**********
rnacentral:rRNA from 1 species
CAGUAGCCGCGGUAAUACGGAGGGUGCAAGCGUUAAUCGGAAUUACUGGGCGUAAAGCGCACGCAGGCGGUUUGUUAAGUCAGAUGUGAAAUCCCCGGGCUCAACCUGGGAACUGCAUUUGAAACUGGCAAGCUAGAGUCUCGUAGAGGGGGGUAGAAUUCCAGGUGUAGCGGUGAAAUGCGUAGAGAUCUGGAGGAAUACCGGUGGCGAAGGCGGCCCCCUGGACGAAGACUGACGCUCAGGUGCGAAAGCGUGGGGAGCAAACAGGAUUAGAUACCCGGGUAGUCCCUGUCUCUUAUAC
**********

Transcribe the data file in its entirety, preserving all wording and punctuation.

rnacentral:rRNA from 1 species
CAGUAGCCGCGGUAAUACGGAGGGUGCAAGCGUUAAUCGGAAUUACUGGGCGUAAAGCGCACGCAGGCGGUUUGUUAAGUCAGAUGUGAAAUCCCCGGGCUCAACCUGGGAACUGCAUUUGAAACUGGCAAGCUAGAGUCUCGUAGAGGGGGGUAGAAUUCCAGGUGUAGCGGUGAAAUGCGUAGAGAUCUGGAGGAAUACCGGUGGCGAAGGCGGCCCCCUGGACGAAGACUGACGCUCAGGUGCGAAAGCGUGGGGAGCAAACAGGAUUAGAUACCCGGGUAGUCCCUGUCUCUUAUAC